Historical buildings represent an important part of remembering our past and preserving our culture. As a society we value them highly for that reason as well as for their beauty. Unfortunately maintaining these special buildings typically comes at substantial cost.
Historical buildings by definition are old – sometimes very old. They often need support that is beyond the capacity of an individual or family to handle. That's true whether the support needed is work or financial help.
Fortunately for all of us, there are several Financial Options To Preserve Historical Buildings, as you will learn more about below. These important options are critical because the structure's needs tend to go beyond typical building maintenance.
To uphold the integrity of these older buildings, repairs must be completed using materials that are as true to the original as possible. And that can be expensive (if it's even possible). This requirement may mean finding rare goods or importing materials from distant places. Sometimes special artisans are required in addition to work crews who know how to work with older materials. As you might imagine, such specialization does not come cheap. In addition to donations from generous individuals, grants and loans are often available from a variety of sources. These sources include the government as well as private organizations.
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The foundations and organizations that own these pieces of property look for grants to help them do their renovations and repairs. Not all grants for historical buildings are just alike so all grant seekers must be careful which ones they apply for.
The Cynthia Woods Mitchell Fund: If the building you are seeking investment for is a part of a building with the designation of a National Historic Landmark, this group might be able to help you. They provide grants to agencies and organizations that are working to preserve or renovate the interiors of historic buildings. They provide grants up to $10,000 to pay for hiring expert assistance as well as for providing materials and programs that help to educate the public.
Challenge grants are offered for historical building preservation by the National Endowment for the Humanities. The challenge part means that the grant maker requires that the applicant raise two or even three times the amount of the grant they are seeking on their own. These monies are often raised through fundraisers and tours and outright requests for donations. If the applicant can raise the amount of money required, they will be eligible receive grant money for the specific puposes cited in their application with few strings attached.
The National Endowment for the Humanities also makes preservation assistance grants to organizations seeking grants for historic buildings. These funds are made available to help preserve the original integrity and structure of buildings and properties deemed to be important.
Some grants are available for historical buildings dependent on the cultural background of the people who built or used the structure. Native American groups and Hispanic groups are both good examples of cultures that have structures here that need to be preserved for education and for the historical value they have to the country and to the people of those cultures. For a good place to start looking for very specific types of grants use our Quick Guide to the Federal Register.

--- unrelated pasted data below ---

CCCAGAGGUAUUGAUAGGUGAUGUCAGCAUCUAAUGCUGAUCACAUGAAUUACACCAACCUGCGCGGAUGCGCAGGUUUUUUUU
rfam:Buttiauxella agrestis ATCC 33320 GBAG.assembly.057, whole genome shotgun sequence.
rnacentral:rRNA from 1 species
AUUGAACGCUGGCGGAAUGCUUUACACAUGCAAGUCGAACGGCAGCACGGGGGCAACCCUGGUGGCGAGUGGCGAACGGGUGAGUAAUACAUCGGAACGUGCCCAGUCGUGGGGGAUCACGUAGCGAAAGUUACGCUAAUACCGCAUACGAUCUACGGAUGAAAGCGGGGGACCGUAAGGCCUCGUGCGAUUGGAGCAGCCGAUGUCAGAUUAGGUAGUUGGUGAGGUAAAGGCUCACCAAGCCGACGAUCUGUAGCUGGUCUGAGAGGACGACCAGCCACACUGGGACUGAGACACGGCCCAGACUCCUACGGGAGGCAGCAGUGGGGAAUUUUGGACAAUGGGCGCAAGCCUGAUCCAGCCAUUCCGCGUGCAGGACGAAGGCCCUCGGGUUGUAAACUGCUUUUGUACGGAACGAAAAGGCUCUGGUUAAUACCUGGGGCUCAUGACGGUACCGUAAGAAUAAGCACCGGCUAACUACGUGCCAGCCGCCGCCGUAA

Grants for Individuals to Preserve Historic Property: You will find that the majority of the grants for historical buildings are only open to foundations and organizations and are not available to private citizens or for profit enterprises. These rules are established so that the for profit enterprises do not get what little money there is available to help the people who do not have any other means of preserving and restoring these amazing properties. However, one type of tax incentive that is potentially available to individuals is the National Parks Services’ Conservation Easement.
A Conservation Easement is basically a contract between the owner of the building and/or land and either a government agency or a nonprofit organization. The property owner sells or donates the easement and retains personal use of the property but gives up any rights to develop it. Owners typically do this to get federal and state tax benefits and in some cases to avoid major property taxes. They also are often motivated by a desire to preserve the property as is and keep it from being developed — forever, since the agreement imposes the restrictions “in perpetuity.” The goal is that the property should always be preserved of the benefit of the public, and all future owners are bound by that agreement.
Conservation Easements are complicated, especially when tax benefits are involved. If they sound promising you should definitely consult a tax attorney to assure that you are making a wise move.
Though few grants are made to individuals as opposed to government agencies or not-for-profit-organizations, there are some other exceptions and it is worth your time to look into them. A good place to start is any historical society in your local area as well as your local government landmarks board. If there are no grants available there may be tax incentives offered by local, state or federal agencies.
For an easy to read overview of resources, see our article on types of grants and where to find them.